The Last Voyage of the Demeter (Collector’s Edition): Blu-Ray Review

Available this week on Collector’s Edition Blu-ray is André Øvredal’s The Last Voyage of the Demeter, which was adapted from The Captain’s Log chapter of Bram Stoker’s 1897 novel, Dracula. With the-exception-of The Invisible Man, classic monsters have not faired well at the box office in recent years. Attempts to bring them back have pretty much bombed. Examples would be The Mummy, which even Tom Cruise couldn’t save, Dracula Untold and most recently, The Last Voyage of the Demeter. However, I would say Demeter is the most watchable of the lot. It is also not so much about Dracula, as it is about the voyage that brought him from Varna to England and the crew that fell victim to his late-night feedings. Demeter feels more like Alien on a boat than it does a Dracula tale.

In July of 1897 the merchant ship Demeter left the port of Varna, Bulgaria and headed to England with a cargo consisting of large wooden crates. Among the crew are Captain Elliot (Liam Cunningham), quartermaster Wojcheck (David Dastmalchain), the captain’s grandson Toby (Woody Norman) and a new arrival, Clemens (Corey Hawkins), who happens to be a doctor, that is willing to work for a ride to England. There are a few other crew members on board as well.

Once the sun sets, trouble on the Demeter begins. When one of the crates falls and breaks in the cargo, Clemens discovers a woman (Aisling Franciosi) was inside. Barely alive, Clemens gives her a blood transfusion to cure what he believes is some sort of infection. Why he and the rest of the crew are unaware of, is that something else has been sleeping during the day in one of the other crates. At night, the creatures begins to pick off the crew one-by-one, leaving them in a panic.

While The Last Voyage of the Demeter does have a serviceable set design and a talented cast, the biggest problems here are the pacing and the poorly rendered CGI monster. It helps that most of the scenes involving Dracula take place in very dark locations (like at night in the rain or in the lower parts of the ship). Still, when we get a good look at him, it is not a pretty sight. While Demeter is not a long film, it feels long in stretches. That’s because there is a lack of tension. As I mentioned, the cast is good, but they don’t have a whole lot to work with. The Last Voyage of the Demeter is okay at best.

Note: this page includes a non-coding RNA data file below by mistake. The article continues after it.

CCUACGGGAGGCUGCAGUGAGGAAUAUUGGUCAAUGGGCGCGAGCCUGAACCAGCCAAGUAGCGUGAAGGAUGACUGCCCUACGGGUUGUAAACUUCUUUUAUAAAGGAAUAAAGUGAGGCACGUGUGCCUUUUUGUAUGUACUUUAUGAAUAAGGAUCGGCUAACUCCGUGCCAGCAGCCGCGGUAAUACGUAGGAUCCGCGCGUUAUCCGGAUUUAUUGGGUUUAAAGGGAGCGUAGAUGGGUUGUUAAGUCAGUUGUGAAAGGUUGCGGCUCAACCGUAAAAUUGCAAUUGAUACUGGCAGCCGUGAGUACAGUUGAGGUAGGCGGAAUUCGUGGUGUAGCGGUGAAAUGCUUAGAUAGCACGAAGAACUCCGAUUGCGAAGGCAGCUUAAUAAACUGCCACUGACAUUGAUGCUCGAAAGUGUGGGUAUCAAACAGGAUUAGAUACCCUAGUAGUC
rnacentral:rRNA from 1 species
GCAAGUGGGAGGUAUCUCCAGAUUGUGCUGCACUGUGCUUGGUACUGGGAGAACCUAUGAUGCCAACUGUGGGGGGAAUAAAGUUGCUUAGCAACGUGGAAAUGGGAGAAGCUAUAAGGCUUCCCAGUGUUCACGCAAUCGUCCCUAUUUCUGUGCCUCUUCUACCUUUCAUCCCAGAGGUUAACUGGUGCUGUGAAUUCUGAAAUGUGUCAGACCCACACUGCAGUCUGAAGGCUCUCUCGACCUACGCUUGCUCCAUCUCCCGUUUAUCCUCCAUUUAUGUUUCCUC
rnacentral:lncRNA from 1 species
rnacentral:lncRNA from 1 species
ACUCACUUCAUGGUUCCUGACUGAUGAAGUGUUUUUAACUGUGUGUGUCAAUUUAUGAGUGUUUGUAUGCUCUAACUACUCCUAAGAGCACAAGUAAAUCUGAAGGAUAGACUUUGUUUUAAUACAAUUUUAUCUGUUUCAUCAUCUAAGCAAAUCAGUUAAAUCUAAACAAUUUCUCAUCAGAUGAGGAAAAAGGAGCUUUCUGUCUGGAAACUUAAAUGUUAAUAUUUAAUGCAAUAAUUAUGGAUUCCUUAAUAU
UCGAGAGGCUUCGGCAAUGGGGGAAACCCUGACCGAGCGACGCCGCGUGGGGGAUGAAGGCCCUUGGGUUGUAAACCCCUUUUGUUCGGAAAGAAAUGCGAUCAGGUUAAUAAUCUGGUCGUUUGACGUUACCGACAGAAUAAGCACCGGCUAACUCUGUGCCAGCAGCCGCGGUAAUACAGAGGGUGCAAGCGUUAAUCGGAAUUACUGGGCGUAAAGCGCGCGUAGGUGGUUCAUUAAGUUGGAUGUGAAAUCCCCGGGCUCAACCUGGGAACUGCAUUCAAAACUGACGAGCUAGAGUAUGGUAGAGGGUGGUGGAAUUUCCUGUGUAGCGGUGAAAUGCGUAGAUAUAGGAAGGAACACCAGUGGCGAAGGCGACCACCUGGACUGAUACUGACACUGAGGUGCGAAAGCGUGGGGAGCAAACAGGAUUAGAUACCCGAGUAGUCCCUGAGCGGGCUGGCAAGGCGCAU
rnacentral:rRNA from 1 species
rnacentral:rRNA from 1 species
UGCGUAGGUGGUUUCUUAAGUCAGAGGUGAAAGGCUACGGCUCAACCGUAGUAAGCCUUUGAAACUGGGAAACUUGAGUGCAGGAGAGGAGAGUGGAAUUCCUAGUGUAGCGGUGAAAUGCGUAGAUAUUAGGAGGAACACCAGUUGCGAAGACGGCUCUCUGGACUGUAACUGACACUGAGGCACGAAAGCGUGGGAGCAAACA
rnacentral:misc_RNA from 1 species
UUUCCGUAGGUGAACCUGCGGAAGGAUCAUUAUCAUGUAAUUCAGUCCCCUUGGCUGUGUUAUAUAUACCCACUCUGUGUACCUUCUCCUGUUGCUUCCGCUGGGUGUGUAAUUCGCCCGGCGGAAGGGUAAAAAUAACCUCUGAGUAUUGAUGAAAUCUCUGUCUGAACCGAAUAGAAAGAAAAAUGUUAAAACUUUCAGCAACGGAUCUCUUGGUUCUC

Bonus Features:

  • ALTERNATE OPENING – Commentary available with Director André Øvredal and Producer Bradley J. Fischer
  • DELETED SCENES – Commentary available with Director André Øvredal and Producer Bradley J. Fischer
    • o    Clemens Picking up a Stone in Varna
      o    Bosphorus and Constantinople
      o    Clemens Following Huck’s Blood Trail
      o    Clemens and Anna Talk on Deck
      o    Crew Discuss Where the Beast Is Hiding
      o    Finding the Corpses in the Crate
      o    Wojchek Finds the Captain
      o    Clemens Visits His Father’s Grave
  • FROM THE PITS OF HELL: DRACULA REIMAGINED – Learn how the creative team behind THE LAST VOYAGE OF THE DEMETER conjured a new nightmare.
  • EVIL IS ABOARD: THE MAKING OF THE LAST VOYAGE OF THE DEMETER – Set sail for an exclusive journey inside the making of the movie with the filmmakers and cast.
  • DRACULA & THE DIGITAL AGE – Visual effects supervisor Brad Parker leads a detailed look at the imaginative work that adds fresh layers of fear to Dracula, creates realistic water, and enhances scenery with bleeding-edge VFX.

By: Marc Ferman